The evaluation builds on and expands recent Independent Evaluation Group (IEG) evaluative work. It builds on and reflects findings from recent and parallel IEG studies, including an early-stage assessment of the Bank Group’s experience with the PSW, an IFC in FCS synthesis, a cluster note on IFC’s blended finance operations, and a cluster note on IFC in FCS Project Performance Assessment Reports. This evaluation adds insights from country and project cases, distilling new findings and adding nuance to existing ones based on deeper analysis of contextual factors. It expands the knowledge base on MIGA. It also contributes insights on issues identified as critical to IFC’s and MIGA’s implementation of their FCV strategies, including human resources, financial and risk implications, and approaches deployed in FCS.

Methodology and Scope

The evaluation tries to answer the following question: To what extent have IFC and MIGA contributed to development progress by supporting private investment in FCS? This main question includes the following subquestions:

  • To what extent have IFC and MIGA instruments been effective in scaling up private investment in FCS?
  • How effectively have investments supported by IFC and MIGA delivered development impact in FCS countries and contributed to the financial objectives of the two institutions?
  • Which factors have enabled or constrained IFC’s and MIGA’s effectiveness in supporting private investment and development impact in FCS?8
  • What are the lessons and implications for scaling up sustainable investment in FCS?

The conceptual framework for the evaluation outlines the links among outcomes, impacts, and the factors affecting them (appendix A). IFC’s and MIGA’s mechanisms and business models (internal factors) shape and support their outcomes and impacts (effectiveness) while addressing the risks and constraints associated with FCS countries and clients (external factors).

The evaluation covers all FCS-relevant activities included in IFC’s and MIGA’s corporate strategies, complementary World Bank interventions as part of the analysis of Bank Group collaboration, and a qualitative analysis of comparator development institutions. First, the evaluation covers all IFC and MIGA instruments during FY10–21 that support private investment in FCS directly, including (i) IFC investment services, (ii) IFC advisory services to private firms in FCS, and (iii) MIGA guarantees. Second, in the country case studies, the evaluation also covers World Bank interventions and IFC advisory services to governments that relate directly to generating private investment.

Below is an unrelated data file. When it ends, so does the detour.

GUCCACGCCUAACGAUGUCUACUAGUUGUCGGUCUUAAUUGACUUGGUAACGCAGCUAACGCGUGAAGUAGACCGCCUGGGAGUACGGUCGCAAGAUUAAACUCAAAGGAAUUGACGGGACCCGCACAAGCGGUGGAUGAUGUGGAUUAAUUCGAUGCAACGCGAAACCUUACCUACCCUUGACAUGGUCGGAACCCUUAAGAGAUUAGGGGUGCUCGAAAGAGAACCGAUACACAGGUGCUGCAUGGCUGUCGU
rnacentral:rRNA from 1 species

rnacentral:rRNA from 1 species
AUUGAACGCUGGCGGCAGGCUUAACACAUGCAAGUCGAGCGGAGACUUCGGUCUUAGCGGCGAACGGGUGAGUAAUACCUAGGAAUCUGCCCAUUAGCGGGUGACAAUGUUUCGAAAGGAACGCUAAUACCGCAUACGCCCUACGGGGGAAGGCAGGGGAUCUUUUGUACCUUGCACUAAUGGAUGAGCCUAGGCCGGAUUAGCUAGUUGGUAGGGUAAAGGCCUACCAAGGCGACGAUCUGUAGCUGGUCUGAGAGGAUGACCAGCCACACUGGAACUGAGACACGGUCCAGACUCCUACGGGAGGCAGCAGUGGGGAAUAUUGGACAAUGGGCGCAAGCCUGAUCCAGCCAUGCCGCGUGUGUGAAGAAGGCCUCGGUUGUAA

The concepts used by Bank Group institutions to define FCS are not fully consistent. IEG identified and analyzed the commitments and guarantee volume using the World Bank Harmonized List of Fragile Situations and since FY20, the List of Fragile and Conflict-Affected Situations, due to its methodological rigor and to ensure consistency and comparability of data when assessing the three Bank Group institutions.9 IFC and MIGA have separately adopted a practice of extending the World Bank (harmonized) FCS list by three fiscal years. Finally, both IFC and MIGA track their corporate commitments combining IDA17-eligible and FCS countries.

Evaluation Design

The evaluation is based on a multilevel analysis and derives its findings through the triangulation of several sources of evidence. It conducts analysis on three levels: total portfolio, country (case studies for seven selected countries), and project (an in-depth analysis of 12 projects aligned with the seven country case studies). Appendix A provides additional details on the methodology, the different evaluation components, and the selected country cases and interventions.

The evaluation also reflects complementary background work covering several dimensions of IFC’s and MIGA’s business models and modalities of client engagement in FCS. These dimensions include a review of staffing, human resource policies, and incentives in FCS; an assessment of the CASA initiative; a benchmarking of comparator development finance institutions (DFIs); an analysis of support to gender in FCS; and a review of financial and risk implications for IFC.